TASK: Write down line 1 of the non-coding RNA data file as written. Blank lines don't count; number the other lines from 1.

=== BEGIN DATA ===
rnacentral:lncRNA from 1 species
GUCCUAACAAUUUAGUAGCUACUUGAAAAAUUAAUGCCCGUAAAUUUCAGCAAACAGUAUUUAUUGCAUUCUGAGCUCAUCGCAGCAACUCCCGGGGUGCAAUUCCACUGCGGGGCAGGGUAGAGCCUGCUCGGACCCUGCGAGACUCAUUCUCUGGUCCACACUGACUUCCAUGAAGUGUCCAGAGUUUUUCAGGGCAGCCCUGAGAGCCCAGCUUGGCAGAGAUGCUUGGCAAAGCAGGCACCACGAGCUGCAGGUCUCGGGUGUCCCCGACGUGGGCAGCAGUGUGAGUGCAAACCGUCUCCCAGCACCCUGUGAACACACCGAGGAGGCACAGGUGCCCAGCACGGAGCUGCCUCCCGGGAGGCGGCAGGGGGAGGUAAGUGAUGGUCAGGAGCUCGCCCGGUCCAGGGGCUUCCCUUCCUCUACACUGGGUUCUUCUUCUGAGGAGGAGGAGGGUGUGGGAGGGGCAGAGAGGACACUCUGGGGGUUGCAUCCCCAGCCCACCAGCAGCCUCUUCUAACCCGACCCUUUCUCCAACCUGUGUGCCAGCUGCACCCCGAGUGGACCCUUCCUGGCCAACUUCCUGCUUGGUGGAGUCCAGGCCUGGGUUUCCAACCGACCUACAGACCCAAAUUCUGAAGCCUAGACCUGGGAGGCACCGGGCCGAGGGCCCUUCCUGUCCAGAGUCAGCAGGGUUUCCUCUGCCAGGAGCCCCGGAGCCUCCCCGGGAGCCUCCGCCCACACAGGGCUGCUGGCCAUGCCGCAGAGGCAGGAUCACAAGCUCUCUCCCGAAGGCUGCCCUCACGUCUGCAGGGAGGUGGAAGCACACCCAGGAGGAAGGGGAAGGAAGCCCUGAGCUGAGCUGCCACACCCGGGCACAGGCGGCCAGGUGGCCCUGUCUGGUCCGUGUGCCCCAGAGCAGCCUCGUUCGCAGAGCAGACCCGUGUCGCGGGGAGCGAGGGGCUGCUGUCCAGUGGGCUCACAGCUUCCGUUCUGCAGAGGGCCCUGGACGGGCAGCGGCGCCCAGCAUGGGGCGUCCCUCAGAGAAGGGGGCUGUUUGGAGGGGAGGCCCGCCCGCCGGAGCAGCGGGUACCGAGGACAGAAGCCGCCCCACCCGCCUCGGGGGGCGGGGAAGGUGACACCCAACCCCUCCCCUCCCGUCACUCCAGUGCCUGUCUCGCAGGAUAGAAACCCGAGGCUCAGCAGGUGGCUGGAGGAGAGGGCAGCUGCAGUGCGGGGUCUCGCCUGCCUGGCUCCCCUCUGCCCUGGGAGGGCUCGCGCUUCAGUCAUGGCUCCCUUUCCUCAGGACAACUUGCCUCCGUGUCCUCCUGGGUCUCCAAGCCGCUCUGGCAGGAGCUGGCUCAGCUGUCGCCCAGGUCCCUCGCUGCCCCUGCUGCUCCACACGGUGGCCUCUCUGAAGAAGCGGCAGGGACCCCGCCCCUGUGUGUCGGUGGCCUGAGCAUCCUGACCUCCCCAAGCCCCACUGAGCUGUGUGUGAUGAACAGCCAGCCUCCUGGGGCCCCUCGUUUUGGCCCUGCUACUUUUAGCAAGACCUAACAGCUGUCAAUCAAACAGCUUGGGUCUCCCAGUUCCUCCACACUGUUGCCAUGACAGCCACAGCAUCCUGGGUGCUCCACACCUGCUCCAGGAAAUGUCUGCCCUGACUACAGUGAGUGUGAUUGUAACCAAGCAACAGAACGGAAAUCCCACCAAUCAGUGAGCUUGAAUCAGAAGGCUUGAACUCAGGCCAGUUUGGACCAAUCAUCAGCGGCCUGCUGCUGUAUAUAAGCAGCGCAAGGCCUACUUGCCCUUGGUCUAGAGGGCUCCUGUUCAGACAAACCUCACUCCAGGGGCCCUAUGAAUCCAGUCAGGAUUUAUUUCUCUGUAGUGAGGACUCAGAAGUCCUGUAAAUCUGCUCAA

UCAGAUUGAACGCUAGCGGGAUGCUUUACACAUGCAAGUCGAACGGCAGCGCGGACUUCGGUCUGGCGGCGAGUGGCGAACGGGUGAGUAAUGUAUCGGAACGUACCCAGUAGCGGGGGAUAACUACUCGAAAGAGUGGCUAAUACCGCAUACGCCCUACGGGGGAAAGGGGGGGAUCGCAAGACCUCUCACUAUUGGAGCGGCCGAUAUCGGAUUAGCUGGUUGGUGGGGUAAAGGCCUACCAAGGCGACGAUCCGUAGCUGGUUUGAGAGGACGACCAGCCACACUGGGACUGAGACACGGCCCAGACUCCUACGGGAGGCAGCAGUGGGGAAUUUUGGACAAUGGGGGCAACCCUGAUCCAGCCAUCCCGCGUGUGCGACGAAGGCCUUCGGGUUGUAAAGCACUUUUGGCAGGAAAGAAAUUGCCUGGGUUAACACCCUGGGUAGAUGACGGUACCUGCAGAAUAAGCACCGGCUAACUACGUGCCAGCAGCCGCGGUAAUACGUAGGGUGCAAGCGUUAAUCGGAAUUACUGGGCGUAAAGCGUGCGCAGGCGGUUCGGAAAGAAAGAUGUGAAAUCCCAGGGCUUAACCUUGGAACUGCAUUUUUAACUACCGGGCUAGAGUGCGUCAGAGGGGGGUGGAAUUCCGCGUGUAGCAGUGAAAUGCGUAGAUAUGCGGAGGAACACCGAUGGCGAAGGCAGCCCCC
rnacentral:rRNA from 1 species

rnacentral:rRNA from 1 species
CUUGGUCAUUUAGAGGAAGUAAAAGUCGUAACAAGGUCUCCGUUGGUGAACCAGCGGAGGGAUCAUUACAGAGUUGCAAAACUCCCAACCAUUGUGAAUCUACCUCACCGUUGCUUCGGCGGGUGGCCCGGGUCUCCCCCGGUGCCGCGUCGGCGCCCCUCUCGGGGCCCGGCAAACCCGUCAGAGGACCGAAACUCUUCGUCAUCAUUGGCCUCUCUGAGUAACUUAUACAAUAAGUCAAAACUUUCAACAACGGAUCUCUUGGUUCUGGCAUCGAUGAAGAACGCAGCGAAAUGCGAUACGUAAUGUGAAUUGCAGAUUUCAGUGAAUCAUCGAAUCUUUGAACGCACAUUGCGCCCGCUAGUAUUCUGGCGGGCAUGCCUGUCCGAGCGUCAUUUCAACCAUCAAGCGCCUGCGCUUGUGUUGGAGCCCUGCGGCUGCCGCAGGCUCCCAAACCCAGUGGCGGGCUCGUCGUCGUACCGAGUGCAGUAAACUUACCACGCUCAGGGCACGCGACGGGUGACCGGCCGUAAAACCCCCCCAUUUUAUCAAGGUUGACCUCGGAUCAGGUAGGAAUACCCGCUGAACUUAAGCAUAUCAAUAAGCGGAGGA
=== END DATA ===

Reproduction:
rnacentral:lncRNA from 1 species